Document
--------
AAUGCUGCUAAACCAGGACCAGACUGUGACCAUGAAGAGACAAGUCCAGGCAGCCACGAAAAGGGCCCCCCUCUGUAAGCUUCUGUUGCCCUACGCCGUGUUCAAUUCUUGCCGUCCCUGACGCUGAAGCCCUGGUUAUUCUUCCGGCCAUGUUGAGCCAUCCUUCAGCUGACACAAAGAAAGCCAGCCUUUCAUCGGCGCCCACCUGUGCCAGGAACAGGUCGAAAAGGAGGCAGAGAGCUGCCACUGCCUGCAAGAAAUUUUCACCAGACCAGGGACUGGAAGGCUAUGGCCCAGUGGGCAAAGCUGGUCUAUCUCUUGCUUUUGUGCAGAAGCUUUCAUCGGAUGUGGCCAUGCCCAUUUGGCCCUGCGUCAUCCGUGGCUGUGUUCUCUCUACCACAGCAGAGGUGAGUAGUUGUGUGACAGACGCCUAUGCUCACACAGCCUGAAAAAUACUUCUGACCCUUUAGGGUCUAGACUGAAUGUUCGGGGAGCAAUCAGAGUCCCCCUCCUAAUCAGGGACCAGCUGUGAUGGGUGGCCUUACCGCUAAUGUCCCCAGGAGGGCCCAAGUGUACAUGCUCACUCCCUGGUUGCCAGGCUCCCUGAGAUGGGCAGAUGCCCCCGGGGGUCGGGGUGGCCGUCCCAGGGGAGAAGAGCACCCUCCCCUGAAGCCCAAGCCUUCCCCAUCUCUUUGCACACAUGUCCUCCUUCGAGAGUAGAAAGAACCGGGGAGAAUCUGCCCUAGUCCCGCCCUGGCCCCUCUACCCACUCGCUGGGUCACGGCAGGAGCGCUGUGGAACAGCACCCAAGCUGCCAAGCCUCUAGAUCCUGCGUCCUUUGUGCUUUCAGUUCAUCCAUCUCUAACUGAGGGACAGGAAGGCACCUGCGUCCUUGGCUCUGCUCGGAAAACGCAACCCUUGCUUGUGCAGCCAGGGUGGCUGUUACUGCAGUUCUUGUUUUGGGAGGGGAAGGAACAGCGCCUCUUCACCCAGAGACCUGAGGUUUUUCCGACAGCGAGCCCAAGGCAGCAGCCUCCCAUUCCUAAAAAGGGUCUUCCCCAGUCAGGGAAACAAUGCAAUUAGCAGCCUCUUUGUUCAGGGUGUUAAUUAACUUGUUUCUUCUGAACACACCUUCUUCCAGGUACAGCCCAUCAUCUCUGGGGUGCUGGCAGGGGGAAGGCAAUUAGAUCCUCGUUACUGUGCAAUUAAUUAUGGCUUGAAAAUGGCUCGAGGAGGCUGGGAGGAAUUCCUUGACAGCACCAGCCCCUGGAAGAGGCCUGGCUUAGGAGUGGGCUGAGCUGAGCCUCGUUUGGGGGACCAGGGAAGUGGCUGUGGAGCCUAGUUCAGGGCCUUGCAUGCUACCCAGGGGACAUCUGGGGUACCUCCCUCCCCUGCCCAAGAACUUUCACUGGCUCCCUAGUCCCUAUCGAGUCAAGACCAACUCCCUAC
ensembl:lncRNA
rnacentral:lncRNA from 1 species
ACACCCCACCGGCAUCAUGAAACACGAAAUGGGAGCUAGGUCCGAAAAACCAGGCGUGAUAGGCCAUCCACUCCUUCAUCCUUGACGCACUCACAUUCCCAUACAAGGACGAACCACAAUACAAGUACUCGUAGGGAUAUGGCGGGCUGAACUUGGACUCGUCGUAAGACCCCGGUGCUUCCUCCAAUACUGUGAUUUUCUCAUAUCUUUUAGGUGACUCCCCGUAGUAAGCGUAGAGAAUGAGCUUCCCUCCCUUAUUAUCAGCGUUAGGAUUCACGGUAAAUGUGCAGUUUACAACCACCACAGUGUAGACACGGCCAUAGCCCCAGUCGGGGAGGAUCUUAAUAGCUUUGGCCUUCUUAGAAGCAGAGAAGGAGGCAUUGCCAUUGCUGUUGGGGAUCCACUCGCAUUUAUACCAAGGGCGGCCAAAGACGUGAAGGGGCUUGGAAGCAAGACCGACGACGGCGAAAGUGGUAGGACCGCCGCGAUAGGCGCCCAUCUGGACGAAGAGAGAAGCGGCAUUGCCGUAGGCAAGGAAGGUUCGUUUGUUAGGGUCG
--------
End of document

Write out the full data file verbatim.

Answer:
AAUGCUGCUAAACCAGGACCAGACUGUGACCAUGAAGAGACAAGUCCAGGCAGCCACGAAAAGGGCCCCCCUCUGUAAGCUUCUGUUGCCCUACGCCGUGUUCAAUUCUUGCCGUCCCUGACGCUGAAGCCCUGGUUAUUCUUCCGGCCAUGUUGAGCCAUCCUUCAGCUGACACAAAGAAAGCCAGCCUUUCAUCGGCGCCCACCUGUGCCAGGAACAGGUCGAAAAGGAGGCAGAGAGCUGCCACUGCCUGCAAGAAAUUUUCACCAGACCAGGGACUGGAAGGCUAUGGCCCAGUGGGCAAAGCUGGUCUAUCUCUUGCUUUUGUGCAGAAGCUUUCAUCGGAUGUGGCCAUGCCCAUUUGGCCCUGCGUCAUCCGUGGCUGUGUUCUCUCUACCACAGCAGAGGUGAGUAGUUGUGUGACAGACGCCUAUGCUCACACAGCCUGAAAAAUACUUCUGACCCUUUAGGGUCUAGACUGAAUGUUCGGGGAGCAAUCAGAGUCCCCCUCCUAAUCAGGGACCAGCUGUGAUGGGUGGCCUUACCGCUAAUGUCCCCAGGAGGGCCCAAGUGUACAUGCUCACUCCCUGGUUGCCAGGCUCCCUGAGAUGGGCAGAUGCCCCCGGGGGUCGGGGUGGCCGUCCCAGGGGAGAAGAGCACCCUCCCCUGAAGCCCAAGCCUUCCCCAUCUCUUUGCACACAUGUCCUCCUUCGAGAGUAGAAAGAACCGGGGAGAAUCUGCCCUAGUCCCGCCCUGGCCCCUCUACCCACUCGCUGGGUCACGGCAGGAGCGCUGUGGAACAGCACCCAAGCUGCCAAGCCUCUAGAUCCUGCGUCCUUUGUGCUUUCAGUUCAUCCAUCUCUAACUGAGGGACAGGAAGGCACCUGCGUCCUUGGCUCUGCUCGGAAAACGCAACCCUUGCUUGUGCAGCCAGGGUGGCUGUUACUGCAGUUCUUGUUUUGGGAGGGGAAGGAACAGCGCCUCUUCACCCAGAGACCUGAGGUUUUUCCGACAGCGAGCCCAAGGCAGCAGCCUCCCAUUCCUAAAAAGGGUCUUCCCCAGUCAGGGAAACAAUGCAAUUAGCAGCCUCUUUGUUCAGGGUGUUAAUUAACUUGUUUCUUCUGAACACACCUUCUUCCAGGUACAGCCCAUCAUCUCUGGGGUGCUGGCAGGGGGAAGGCAAUUAGAUCCUCGUUACUGUGCAAUUAAUUAUGGCUUGAAAAUGGCUCGAGGAGGCUGGGAGGAAUUCCUUGACAGCACCAGCCCCUGGAAGAGGCCUGGCUUAGGAGUGGGCUGAGCUGAGCCUCGUUUGGGGGACCAGGGAAGUGGCUGUGGAGCCUAGUUCAGGGCCUUGCAUGCUACCCAGGGGACAUCUGGGGUACCUCCCUCCCCUGCCCAAGAACUUUCACUGGCUCCCUAGUCCCUAUCGAGUCAAGACCAACUCCCUAC
ensembl:lncRNA
rnacentral:lncRNA from 1 species
ACACCCCACCGGCAUCAUGAAACACGAAAUGGGAGCUAGGUCCGAAAAACCAGGCGUGAUAGGCCAUCCACUCCUUCAUCCUUGACGCACUCACAUUCCCAUACAAGGACGAACCACAAUACAAGUACUCGUAGGGAUAUGGCGGGCUGAACUUGGACUCGUCGUAAGACCCCGGUGCUUCCUCCAAUACUGUGAUUUUCUCAUAUCUUUUAGGUGACUCCCCGUAGUAAGCGUAGAGAAUGAGCUUCCCUCCCUUAUUAUCAGCGUUAGGAUUCACGGUAAAUGUGCAGUUUACAACCACCACAGUGUAGACACGGCCAUAGCCCCAGUCGGGGAGGAUCUUAAUAGCUUUGGCCUUCUUAGAAGCAGAGAAGGAGGCAUUGCCAUUGCUGUUGGGGAUCCACUCGCAUUUAUACCAAGGGCGGCCAAAGACGUGAAGGGGCUUGGAAGCAAGACCGACGACGGCGAAAGUGGUAGGACCGCCGCGAUAGGCGCCCAUCUGGACGAAGAGAGAAGCGGCAUUGCCGUAGGCAAGGAAGGUUCGUUUGUUAGGGUCG